If $A$ is a noetherian domain and not a field then the infinite product $M=A\times A\times \dots$ is not free. Suppose there is a basis. For $x\in M$ define its support to be the finite set of basis elements for which the coefficient is not zero. Note that if the supports of $x$ and $y$ are disjoint then their union is the support of $x+y$. Choose $\pi\in A$ neither zero nor invertible. Define the $n$-support of $x$ to consist of those basis elements for which the coefficient is not divisible by $\pi^n$. Note that $n$-support is contained in $(n+1)$-support is contained in support.

Choose an infinite sequence of nonzero elements $m_1,m_2,\dots $ of $M$ such that

(1) $m_n$ projects to zero in the first $n-1$ factors of the infinite product,

(2) the $m_n$ have pairwise disjoint support.

To get $m_n$ when all the previous $m_k$ are given, you just have to know that the kernel of a certain map from $M$ to a finite product of copies of $A$ is nontrivial (project the product on the first $n-1$ factors and project the free module on the span of a finite subset of basis).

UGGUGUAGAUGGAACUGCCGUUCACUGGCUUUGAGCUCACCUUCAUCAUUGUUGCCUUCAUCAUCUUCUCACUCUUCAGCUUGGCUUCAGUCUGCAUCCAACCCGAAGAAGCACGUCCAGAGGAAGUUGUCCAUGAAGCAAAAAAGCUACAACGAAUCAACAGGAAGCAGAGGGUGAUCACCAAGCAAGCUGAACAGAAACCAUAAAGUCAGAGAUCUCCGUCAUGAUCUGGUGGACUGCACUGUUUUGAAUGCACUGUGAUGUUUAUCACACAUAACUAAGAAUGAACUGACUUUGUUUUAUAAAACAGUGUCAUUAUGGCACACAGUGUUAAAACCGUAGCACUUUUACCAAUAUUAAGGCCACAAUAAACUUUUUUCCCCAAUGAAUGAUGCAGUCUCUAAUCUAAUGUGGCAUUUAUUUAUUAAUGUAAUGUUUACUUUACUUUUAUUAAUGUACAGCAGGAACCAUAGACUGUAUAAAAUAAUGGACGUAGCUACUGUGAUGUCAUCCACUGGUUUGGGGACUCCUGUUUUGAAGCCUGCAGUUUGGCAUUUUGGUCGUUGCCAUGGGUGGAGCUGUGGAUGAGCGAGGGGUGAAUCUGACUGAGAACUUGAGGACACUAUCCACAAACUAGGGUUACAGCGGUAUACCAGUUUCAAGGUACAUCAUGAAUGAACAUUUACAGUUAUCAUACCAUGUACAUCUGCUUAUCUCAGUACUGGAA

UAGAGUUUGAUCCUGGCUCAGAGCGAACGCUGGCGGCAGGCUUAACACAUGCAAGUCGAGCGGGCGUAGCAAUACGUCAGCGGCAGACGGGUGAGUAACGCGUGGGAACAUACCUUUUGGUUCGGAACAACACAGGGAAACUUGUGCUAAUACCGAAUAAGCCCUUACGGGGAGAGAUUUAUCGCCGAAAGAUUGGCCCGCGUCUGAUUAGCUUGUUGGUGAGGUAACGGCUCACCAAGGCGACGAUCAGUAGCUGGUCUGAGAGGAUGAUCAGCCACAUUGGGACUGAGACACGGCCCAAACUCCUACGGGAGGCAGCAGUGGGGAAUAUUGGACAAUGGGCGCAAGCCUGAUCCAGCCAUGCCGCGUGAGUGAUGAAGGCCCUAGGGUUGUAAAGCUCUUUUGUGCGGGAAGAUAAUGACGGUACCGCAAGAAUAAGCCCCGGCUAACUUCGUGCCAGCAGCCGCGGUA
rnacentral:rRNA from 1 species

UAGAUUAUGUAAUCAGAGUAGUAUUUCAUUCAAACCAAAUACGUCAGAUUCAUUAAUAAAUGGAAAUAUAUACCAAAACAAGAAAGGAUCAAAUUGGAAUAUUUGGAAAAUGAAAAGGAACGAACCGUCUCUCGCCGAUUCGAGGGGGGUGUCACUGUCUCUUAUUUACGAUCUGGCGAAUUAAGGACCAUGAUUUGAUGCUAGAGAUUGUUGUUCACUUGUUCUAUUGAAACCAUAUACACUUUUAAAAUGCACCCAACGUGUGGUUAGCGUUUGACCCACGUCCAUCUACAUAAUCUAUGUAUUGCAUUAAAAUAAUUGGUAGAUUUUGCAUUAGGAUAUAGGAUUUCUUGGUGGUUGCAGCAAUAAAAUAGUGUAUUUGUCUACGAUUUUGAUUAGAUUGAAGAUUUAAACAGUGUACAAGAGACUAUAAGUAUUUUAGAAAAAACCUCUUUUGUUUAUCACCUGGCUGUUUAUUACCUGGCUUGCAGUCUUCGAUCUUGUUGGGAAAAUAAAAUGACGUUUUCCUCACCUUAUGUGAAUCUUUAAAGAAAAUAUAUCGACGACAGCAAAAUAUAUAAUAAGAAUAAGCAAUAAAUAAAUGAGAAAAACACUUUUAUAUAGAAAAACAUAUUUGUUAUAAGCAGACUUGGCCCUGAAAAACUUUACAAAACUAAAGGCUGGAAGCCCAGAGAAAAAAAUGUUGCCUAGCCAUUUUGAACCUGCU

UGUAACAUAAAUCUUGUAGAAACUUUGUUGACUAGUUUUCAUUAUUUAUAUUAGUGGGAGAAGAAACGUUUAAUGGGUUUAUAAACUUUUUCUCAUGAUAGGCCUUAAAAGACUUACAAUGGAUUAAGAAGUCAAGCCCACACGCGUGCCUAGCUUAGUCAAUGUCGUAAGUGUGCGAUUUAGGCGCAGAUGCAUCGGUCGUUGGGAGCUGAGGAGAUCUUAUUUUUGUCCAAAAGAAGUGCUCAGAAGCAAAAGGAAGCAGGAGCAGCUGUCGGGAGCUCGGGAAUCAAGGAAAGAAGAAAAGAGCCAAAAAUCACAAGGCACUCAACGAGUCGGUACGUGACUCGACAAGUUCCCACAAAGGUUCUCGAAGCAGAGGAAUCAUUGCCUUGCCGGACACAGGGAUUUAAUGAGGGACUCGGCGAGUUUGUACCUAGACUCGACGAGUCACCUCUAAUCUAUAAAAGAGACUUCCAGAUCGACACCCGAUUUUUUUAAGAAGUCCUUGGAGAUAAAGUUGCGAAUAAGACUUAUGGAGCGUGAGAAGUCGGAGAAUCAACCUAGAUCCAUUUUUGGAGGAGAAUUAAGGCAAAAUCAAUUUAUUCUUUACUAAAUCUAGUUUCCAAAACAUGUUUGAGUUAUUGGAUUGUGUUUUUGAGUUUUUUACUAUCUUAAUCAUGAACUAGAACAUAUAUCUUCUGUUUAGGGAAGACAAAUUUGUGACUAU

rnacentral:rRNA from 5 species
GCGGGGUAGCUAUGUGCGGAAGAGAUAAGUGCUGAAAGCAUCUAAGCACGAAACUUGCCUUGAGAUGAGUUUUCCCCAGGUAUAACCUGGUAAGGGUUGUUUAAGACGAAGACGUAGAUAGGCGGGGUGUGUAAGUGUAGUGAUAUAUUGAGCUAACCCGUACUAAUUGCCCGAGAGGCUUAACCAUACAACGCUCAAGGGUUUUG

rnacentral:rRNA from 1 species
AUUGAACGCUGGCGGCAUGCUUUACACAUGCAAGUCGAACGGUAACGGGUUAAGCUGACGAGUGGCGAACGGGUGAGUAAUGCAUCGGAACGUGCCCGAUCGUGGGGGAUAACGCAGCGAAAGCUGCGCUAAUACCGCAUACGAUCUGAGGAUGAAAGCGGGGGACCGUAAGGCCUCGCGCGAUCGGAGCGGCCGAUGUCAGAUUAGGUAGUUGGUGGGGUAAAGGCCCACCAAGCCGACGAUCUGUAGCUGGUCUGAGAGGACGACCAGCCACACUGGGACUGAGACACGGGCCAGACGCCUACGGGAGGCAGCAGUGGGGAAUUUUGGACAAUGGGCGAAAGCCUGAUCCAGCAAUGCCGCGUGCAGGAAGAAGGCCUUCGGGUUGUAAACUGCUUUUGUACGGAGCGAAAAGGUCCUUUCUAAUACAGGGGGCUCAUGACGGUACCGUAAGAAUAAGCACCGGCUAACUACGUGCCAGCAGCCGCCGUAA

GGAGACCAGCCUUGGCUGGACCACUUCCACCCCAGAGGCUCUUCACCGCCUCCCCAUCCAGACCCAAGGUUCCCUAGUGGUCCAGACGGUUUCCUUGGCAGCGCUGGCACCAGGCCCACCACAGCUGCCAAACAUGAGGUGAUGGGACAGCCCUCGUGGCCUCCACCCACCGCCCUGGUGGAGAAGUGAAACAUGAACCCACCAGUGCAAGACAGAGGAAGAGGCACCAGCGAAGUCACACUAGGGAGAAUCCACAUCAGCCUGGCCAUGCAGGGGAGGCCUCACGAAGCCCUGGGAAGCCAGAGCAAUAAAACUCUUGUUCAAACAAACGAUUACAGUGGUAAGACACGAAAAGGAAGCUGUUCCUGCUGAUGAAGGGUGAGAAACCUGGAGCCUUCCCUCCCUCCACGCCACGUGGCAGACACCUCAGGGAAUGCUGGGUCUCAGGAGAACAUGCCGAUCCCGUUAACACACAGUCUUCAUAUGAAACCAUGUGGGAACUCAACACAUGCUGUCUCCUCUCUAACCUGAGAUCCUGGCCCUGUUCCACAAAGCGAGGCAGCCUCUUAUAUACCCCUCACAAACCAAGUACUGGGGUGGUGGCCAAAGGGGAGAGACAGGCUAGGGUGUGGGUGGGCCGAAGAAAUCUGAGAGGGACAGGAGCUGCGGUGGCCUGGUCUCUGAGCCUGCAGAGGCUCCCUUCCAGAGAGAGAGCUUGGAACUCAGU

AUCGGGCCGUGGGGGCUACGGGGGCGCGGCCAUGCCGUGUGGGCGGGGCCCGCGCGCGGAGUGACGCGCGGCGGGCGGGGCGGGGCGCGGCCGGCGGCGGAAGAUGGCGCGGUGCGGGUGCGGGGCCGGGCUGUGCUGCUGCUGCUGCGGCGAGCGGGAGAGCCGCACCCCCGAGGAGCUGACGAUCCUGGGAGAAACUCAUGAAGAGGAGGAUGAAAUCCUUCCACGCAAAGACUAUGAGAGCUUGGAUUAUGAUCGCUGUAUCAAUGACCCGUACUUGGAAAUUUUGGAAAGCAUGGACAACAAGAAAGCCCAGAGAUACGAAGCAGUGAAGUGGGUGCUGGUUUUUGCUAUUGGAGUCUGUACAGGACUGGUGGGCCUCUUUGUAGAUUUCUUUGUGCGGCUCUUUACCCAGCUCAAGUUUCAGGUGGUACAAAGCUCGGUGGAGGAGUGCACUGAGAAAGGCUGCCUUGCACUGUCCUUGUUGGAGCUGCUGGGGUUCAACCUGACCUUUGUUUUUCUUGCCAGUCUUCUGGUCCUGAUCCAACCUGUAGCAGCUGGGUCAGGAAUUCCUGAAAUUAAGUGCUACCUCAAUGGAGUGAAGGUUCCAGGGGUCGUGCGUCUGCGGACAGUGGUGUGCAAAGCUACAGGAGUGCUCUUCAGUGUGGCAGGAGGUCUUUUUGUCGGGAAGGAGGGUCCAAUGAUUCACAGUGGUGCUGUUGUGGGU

Then divide each $m_n$ by as high a power of $\pi$ as possible; this preserves 1 and 2 while also arranging

(3) $m_n$ is nonzero mod $\pi$.

Now let $s_n=\pi m_1+\pi^2 m_2+\dots +\pi^nm_n$ and let $s$ be the limit of $s_n$ (defined because of 1).

The contradiction is that the support of $s$ must contain arbitrarily large finite sets $S_n$: Let $S_n$ be the $(n+1)$-support of $s_n$. Then the support of $s$ contains the $(n+1)$-support of $s$, which equals $S_n$. And $S_n$ properly contains $S_{n-1}$ because it is the disjoint union of the $(n+1)$-support of $s_{n-1}$ and the $(n+1)$-support of $\pi^nm_n$, this last being the (by 3 nonempty) $1$-support of $m_n$.

EDIT This implies that if $A$ is noetherian and has dimension $>0$ then the infinite product is not free, because $(A/P)\otimes \prod A=\prod (A/P)$ if $P$ is a finitely generated ideal -- choose $P$ to be a non-maximal prime. Also, the argument above proves more than I said: for a noetherian domain the infinite product is not even a submodule of a free module.